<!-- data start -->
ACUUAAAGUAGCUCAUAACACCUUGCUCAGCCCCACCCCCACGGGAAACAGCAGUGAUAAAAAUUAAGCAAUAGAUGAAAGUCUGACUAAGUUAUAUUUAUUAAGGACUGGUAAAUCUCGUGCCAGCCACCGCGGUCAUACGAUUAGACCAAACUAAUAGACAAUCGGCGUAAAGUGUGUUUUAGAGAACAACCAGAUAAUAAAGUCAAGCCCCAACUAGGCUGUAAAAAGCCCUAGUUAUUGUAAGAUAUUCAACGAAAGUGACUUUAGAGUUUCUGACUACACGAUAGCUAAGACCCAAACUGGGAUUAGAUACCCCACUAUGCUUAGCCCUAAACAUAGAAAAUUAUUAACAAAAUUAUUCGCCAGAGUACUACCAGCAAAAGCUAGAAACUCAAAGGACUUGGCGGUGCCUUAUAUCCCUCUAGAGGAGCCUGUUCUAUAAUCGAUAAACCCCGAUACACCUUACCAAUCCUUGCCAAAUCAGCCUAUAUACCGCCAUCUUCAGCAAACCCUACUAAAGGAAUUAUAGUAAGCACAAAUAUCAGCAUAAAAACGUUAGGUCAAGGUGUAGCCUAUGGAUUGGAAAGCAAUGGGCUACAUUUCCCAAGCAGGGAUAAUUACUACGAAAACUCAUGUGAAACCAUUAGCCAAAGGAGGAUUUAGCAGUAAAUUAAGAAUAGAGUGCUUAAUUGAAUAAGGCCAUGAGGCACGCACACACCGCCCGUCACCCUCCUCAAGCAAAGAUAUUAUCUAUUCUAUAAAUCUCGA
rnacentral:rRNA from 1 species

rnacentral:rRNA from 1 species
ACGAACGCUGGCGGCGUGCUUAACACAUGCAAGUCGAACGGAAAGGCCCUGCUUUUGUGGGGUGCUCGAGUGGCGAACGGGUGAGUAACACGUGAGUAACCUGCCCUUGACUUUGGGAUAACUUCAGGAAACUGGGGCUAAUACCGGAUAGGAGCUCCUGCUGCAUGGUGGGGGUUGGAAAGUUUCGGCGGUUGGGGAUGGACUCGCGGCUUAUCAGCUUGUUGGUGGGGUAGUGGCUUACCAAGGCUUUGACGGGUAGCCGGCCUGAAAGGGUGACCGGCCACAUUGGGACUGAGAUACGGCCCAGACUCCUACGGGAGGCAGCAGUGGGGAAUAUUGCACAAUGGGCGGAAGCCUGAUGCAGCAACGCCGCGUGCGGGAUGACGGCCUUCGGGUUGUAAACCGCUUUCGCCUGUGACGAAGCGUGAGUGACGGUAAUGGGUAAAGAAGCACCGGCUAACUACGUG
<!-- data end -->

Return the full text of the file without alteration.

ACUUAAAGUAGCUCAUAACACCUUGCUCAGCCCCACCCCCACGGGAAACAGCAGUGAUAAAAAUUAAGCAAUAGAUGAAAGUCUGACUAAGUUAUAUUUAUUAAGGACUGGUAAAUCUCGUGCCAGCCACCGCGGUCAUACGAUUAGACCAAACUAAUAGACAAUCGGCGUAAAGUGUGUUUUAGAGAACAACCAGAUAAUAAAGUCAAGCCCCAACUAGGCUGUAAAAAGCCCUAGUUAUUGUAAGAUAUUCAACGAAAGUGACUUUAGAGUUUCUGACUACACGAUAGCUAAGACCCAAACUGGGAUUAGAUACCCCACUAUGCUUAGCCCUAAACAUAGAAAAUUAUUAACAAAAUUAUUCGCCAGAGUACUACCAGCAAAAGCUAGAAACUCAAAGGACUUGGCGGUGCCUUAUAUCCCUCUAGAGGAGCCUGUUCUAUAAUCGAUAAACCCCGAUACACCUUACCAAUCCUUGCCAAAUCAGCCUAUAUACCGCCAUCUUCAGCAAACCCUACUAAAGGAAUUAUAGUAAGCACAAAUAUCAGCAUAAAAACGUUAGGUCAAGGUGUAGCCUAUGGAUUGGAAAGCAAUGGGCUACAUUUCCCAAGCAGGGAUAAUUACUACGAAAACUCAUGUGAAACCAUUAGCCAAAGGAGGAUUUAGCAGUAAAUUAAGAAUAGAGUGCUUAAUUGAAUAAGGCCAUGAGGCACGCACACACCGCCCGUCACCCUCCUCAAGCAAAGAUAUUAUCUAUUCUAUAAAUCUCGA
rnacentral:rRNA from 1 species

rnacentral:rRNA from 1 species
ACGAACGCUGGCGGCGUGCUUAACACAUGCAAGUCGAACGGAAAGGCCCUGCUUUUGUGGGGUGCUCGAGUGGCGAACGGGUGAGUAACACGUGAGUAACCUGCCCUUGACUUUGGGAUAACUUCAGGAAACUGGGGCUAAUACCGGAUAGGAGCUCCUGCUGCAUGGUGGGGGUUGGAAAGUUUCGGCGGUUGGGGAUGGACUCGCGGCUUAUCAGCUUGUUGGUGGGGUAGUGGCUUACCAAGGCUUUGACGGGUAGCCGGCCUGAAAGGGUGACCGGCCACAUUGGGACUGAGAUACGGCCCAGACUCCUACGGGAGGCAGCAGUGGGGAAUAUUGCACAAUGGGCGGAAGCCUGAUGCAGCAACGCCGCGUGCGGGAUGACGGCCUUCGGGUUGUAAACCGCUUUCGCCUGUGACGAAGCGUGAGUGACGGUAAUGGGUAAAGAAGCACCGGCUAACUACGUG